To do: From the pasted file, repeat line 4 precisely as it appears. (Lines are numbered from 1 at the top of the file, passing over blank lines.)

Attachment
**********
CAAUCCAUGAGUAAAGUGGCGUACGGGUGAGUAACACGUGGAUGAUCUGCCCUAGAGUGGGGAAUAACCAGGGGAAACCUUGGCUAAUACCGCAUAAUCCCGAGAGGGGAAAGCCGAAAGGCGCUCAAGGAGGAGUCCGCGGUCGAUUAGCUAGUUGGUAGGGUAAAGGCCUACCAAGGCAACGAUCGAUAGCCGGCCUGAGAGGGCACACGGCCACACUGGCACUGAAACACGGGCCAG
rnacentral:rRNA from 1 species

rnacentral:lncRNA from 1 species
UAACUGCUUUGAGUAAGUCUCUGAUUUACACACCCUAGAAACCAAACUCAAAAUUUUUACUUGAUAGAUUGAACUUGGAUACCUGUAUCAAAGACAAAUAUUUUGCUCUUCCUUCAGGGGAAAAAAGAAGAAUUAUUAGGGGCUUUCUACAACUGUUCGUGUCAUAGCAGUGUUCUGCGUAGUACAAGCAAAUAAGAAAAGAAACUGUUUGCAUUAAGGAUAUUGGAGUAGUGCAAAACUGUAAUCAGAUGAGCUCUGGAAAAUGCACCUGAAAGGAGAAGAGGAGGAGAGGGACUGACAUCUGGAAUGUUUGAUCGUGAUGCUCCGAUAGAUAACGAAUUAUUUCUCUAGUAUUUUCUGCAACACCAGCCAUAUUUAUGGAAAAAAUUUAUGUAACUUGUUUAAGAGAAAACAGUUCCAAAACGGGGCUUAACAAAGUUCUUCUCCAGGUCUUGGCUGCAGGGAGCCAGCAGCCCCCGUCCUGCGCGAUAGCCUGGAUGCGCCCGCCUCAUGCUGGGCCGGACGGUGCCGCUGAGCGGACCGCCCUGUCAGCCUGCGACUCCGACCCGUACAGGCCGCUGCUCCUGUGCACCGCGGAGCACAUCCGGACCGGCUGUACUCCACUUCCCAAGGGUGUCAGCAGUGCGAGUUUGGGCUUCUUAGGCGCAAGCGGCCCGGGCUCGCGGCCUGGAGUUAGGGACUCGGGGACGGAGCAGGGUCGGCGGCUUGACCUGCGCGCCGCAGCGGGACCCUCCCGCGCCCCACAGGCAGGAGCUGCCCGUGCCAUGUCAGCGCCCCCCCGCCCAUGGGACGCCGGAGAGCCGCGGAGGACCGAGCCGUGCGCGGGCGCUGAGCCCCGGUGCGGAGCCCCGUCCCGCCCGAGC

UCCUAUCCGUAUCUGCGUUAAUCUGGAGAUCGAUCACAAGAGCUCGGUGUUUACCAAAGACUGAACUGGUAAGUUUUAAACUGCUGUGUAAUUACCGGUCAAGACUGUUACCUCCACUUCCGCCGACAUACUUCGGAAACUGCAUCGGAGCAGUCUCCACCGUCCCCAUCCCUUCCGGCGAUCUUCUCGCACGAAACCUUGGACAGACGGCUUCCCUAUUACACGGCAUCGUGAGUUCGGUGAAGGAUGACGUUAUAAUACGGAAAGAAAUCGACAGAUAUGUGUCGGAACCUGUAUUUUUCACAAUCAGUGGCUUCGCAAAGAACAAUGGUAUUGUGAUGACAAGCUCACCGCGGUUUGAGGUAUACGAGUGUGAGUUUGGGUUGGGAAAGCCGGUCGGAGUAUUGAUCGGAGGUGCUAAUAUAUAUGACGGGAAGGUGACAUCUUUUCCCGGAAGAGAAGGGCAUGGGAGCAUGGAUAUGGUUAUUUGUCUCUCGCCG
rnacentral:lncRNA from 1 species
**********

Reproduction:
UAACUGCUUUGAGUAAGUCUCUGAUUUACACACCCUAGAAACCAAACUCAAAAUUUUUACUUGAUAGAUUGAACUUGGAUACCUGUAUCAAAGACAAAUAUUUUGCUCUUCCUUCAGGGGAAAAAAGAAGAAUUAUUAGGGGCUUUCUACAACUGUUCGUGUCAUAGCAGUGUUCUGCGUAGUACAAGCAAAUAAGAAAAGAAACUGUUUGCAUUAAGGAUAUUGGAGUAGUGCAAAACUGUAAUCAGAUGAGCUCUGGAAAAUGCACCUGAAAGGAGAAGAGGAGGAGAGGGACUGACAUCUGGAAUGUUUGAUCGUGAUGCUCCGAUAGAUAACGAAUUAUUUCUCUAGUAUUUUCUGCAACACCAGCCAUAUUUAUGGAAAAAAUUUAUGUAACUUGUUUAAGAGAAAACAGUUCCAAAACGGGGCUUAACAAAGUUCUUCUCCAGGUCUUGGCUGCAGGGAGCCAGCAGCCCCCGUCCUGCGCGAUAGCCUGGAUGCGCCCGCCUCAUGCUGGGCCGGACGGUGCCGCUGAGCGGACCGCCCUGUCAGCCUGCGACUCCGACCCGUACAGGCCGCUGCUCCUGUGCACCGCGGAGCACAUCCGGACCGGCUGUACUCCACUUCCCAAGGGUGUCAGCAGUGCGAGUUUGGGCUUCUUAGGCGCAAGCGGCCCGGGCUCGCGGCCUGGAGUUAGGGACUCGGGGACGGAGCAGGGUCGGCGGCUUGACCUGCGCGCCGCAGCGGGACCCUCCCGCGCCCCACAGGCAGGAGCUGCCCGUGCCAUGUCAGCGCCCCCCCGCCCAUGGGACGCCGGAGAGCCGCGGAGGACCGAGCCGUGCGCGGGCGCUGAGCCCCGGUGCGGAGCCCCGUCCCGCCCGAGC